Williams Crucial to Run Game

Bears fullback Eddie Williams made his presence felt in Bourbonnais and he's currently getting the lion's share of reps with the starters. Bear Report talked to him his role in the offense.

Heading into the 2009 NFL Draft, it was unclear whether Idaho fullback Eddie Williams would be a late-round selection or would begin his career as an undrafted free agent. He had established himself as a pass catcher his senior season, catching 54 passes for 687 yards and six touchdowns as a tight end. Yet most saw the 6-1, 249-pounder as a fullback or H-back in the NFL. He tore his ACL his senior year, so there were injury concerns as well.

The Washington Redskins ended the suspense by drafting Williams in the seventh round, 221st overall. He was signed to the team's practice squad a few months later and was activated to the roster in early November 2009, yet broke his left leg in practice a few weeks after.

The Redskins waived Williams before the start of the 2010 season and the Chicago Bears scooped him a week later. He again spent last season on the practice squad.


FB Eddie Williams
Jonathan Daniel/Getty

This year though, Williams looks like he's been shot out of a cannon. Finally fully healthy, he made his presence felt in Bourbonnais. He's a big hitter who enjoys leading into the hole and taking on linebackers. He also has soft hands and has served well as a check-down outlet in the flats.

In last Saturday's preseason contest against the Bills, Williams delivered a number of hard hits. The play that stood out most came on a second-quarter draw to Marion Barber. Williams led through the hole and made an outstanding block on LB Reggie Torbor, upending the defender and sending him to the ground. Barber ran for 12 yards on that play.

I asked Williams about that first opportunity to get out on the game field and put a real hit on someone.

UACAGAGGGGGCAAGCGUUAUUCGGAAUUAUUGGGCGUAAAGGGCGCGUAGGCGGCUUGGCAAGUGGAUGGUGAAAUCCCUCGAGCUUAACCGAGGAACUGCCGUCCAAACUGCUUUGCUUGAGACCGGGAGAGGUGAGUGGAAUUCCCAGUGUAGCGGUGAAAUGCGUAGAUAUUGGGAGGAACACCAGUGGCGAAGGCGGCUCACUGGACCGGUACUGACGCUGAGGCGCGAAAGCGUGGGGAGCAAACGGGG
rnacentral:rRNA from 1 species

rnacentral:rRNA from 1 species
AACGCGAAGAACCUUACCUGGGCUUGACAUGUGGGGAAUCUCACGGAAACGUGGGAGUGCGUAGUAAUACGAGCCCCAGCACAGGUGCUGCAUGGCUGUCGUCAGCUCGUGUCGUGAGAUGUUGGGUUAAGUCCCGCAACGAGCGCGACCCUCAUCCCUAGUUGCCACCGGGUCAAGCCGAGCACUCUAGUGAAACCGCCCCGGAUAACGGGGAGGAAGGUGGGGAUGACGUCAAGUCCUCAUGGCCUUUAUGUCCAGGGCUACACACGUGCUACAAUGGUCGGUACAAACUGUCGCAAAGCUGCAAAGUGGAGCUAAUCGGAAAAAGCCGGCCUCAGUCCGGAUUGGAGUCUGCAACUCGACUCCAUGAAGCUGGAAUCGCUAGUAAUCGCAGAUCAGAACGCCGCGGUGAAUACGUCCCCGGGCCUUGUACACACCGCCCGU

"It's nice. We can't cut block in practice. Going against some of our linebackers, our guys, we want to take care of our people," Williams said. "So once you get in the game, you can let loose. It's fun. That's what football is all about. Actually going to battle and doing the things that you have to, by any means necessary."

He said that, along with being fully healthy, his growth as a player has been the main reason he's been able to take the next step this season.

"I feel a little bit more under control," said Williams. "The last few years I've probably been a bit more raw. But other than that I'm developing strength-wise and technique-wise."

I asked him if he felt he should be the team's starter heading into the season.

"I'm doing what the coaches are telling me to do at this point," he said. "If they like what they see, they like what they see."

Even though he's never started in an NFL game before, Williams said he's ready for the challenge, especially working in an offense run by coordinator Mike Martz.

"It's a fun offense to be in because the backs are going to be involved a lot. We're going to catch a lot of balls and that's fun," he said. "Blocking just comes with the game, everything else, catching the ball and running the ball, that's awesome. Fullbacks, we don't get our carries very much, so it's nice to be in an offense where we're involved a lot."

The three long weeks he spent in Bourbonnais this year are finally over but Williams feels it was time well spent.

"It's actually been a long grind but it's over with," he said. "Whatever doesn't kill you makes you stronger. I'm enjoying myself."

Williams' only roster competition has come from Will Ta'ufo'ou, who hasn't been nearly as impressive. Barring injury, expect Williams to be a vital part of the Bears' run game this season.

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Jeremy Stoltz is Publisher of BearReport.com and a member of the Pro Football Writers of America. To read him every day, visit BearReport.com and become a Chicago Bears insider.


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